Nine of 13 retail categories rose last month, according to the report, including firm results at auto dealers, grocery stores and restaurants. The value of sales at gas stations climbed 4.1 percent, mostly reflecting higher pump prices.
The data illustrate that consumers are continuing to prove largely resilient and suggests the economy got off to a good start in the fourth quarter. That may complicate the argument posed by several Federal Reserve officials pushing for a slower pace of interest-rate hikes in the coming months, but policymakers acknowledge that inflation is still far too high.
Consumer and producer price growth both eased by more than forecast last month, spurring a rally in stock and bond markets in hopes that the Fed will downshift to smaller hikes as soon as December. After Wednesday’s retail report, two-year Treasury yields rose and US stock futures remained lower.
Even though some price pressures are easing, retailers are still seeing the impact of inflation in earnings. Home Depot Inc.’s profit exceeded expectations last quarter, but was driven by higher prices rather than more transactions. Walmart Inc., meanwhile, raised its full-year guidance as US shoppers flocked to its stores to find discounts.
At the same time, Target Corp. warned that shoppers are pulling back, “with guests’ shopping behavior increasingly impacted by inflation, rising interest rates and economic uncertainty,” Chief Executive Officer Brian Cornell said in a statement Wednesday.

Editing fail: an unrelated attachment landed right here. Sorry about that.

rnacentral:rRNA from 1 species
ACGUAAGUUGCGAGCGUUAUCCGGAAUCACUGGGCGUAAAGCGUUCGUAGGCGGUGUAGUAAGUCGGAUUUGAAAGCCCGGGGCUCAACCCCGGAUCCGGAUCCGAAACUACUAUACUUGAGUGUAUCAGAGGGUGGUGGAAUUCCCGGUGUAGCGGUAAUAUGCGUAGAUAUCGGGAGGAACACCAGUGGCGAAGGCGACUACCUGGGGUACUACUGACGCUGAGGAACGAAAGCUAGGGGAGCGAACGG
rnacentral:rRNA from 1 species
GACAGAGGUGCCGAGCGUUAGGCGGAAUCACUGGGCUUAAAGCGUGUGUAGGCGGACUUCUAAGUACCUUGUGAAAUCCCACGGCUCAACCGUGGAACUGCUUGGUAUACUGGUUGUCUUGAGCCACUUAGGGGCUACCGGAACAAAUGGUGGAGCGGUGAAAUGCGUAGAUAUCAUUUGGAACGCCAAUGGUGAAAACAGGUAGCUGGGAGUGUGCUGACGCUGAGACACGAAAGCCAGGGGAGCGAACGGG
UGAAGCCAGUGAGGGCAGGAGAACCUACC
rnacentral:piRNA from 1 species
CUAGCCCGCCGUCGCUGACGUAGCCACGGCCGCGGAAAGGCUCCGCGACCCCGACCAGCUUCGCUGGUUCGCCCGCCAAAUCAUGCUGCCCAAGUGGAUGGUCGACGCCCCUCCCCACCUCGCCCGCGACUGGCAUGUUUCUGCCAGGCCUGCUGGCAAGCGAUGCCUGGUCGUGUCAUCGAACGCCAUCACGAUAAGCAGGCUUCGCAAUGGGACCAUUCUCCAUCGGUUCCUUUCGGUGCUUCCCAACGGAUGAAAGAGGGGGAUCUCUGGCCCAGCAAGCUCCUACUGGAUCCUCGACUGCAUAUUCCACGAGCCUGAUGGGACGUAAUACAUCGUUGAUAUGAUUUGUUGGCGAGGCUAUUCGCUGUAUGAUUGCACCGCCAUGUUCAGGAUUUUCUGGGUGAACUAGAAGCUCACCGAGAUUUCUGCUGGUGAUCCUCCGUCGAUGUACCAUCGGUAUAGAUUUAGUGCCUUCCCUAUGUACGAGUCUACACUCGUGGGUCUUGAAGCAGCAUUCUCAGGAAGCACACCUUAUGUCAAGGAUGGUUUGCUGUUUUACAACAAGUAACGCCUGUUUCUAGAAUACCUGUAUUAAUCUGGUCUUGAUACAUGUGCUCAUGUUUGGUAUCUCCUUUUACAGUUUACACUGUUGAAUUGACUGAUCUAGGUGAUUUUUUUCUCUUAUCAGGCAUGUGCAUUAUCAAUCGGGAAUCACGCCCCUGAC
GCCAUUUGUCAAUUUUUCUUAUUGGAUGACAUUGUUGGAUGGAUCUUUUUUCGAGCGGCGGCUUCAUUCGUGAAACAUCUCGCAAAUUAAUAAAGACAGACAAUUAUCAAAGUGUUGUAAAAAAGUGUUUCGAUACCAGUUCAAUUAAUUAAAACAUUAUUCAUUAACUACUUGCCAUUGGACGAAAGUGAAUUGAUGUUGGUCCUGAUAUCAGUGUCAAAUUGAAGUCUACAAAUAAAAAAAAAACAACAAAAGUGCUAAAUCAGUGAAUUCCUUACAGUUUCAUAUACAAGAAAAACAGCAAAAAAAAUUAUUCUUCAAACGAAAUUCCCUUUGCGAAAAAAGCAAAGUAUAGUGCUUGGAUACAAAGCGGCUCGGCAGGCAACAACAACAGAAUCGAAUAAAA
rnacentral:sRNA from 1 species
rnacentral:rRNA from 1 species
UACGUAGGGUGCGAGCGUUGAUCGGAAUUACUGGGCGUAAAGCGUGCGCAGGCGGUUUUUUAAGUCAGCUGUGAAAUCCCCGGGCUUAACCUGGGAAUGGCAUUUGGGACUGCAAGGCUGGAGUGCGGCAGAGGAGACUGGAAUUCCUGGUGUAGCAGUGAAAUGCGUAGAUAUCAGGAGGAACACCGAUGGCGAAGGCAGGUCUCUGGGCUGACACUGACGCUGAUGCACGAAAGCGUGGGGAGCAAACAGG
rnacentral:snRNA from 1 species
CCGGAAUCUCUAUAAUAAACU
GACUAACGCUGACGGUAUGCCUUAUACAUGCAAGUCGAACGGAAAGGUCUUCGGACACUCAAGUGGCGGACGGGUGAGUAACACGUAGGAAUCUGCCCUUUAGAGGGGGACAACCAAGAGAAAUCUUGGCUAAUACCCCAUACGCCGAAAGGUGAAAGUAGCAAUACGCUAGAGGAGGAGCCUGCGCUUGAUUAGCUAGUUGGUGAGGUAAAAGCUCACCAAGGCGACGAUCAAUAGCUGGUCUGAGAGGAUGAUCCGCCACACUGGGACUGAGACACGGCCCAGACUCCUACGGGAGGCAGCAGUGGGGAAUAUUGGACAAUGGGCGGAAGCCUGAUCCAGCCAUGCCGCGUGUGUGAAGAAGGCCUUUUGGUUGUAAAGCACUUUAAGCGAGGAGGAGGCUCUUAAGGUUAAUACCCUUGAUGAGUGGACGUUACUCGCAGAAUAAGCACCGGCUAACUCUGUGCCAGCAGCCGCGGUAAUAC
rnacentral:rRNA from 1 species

Many retailers, stuck with a glut of inventory, have deployed deep discounts to try to move stock off their shelves for the crucial holiday season. Sales at clothing stores were little changed while those at department stores fell 2.1 percent.
Other discretionary categories like electronics and sporting goods also declined, suggesting price cuts and weaker demand are weighing on the value of sales.
Besides not being adjusted for price increases, the retail sales report only captures a sliver of services spending, where Americans have been shifting more of their dollars. A fuller picture of October household demand, which includes both services spending and inflation-adjusted figures, will be released in two weeks.
So-called control group sales — which are used to calculate gross domestic product and exclude food services, auto dealers, building materials stores and gasoline stations — increased 0.7 percent in October, the most in four months.
With assistance from Joshua Robinson and Reade Pickert.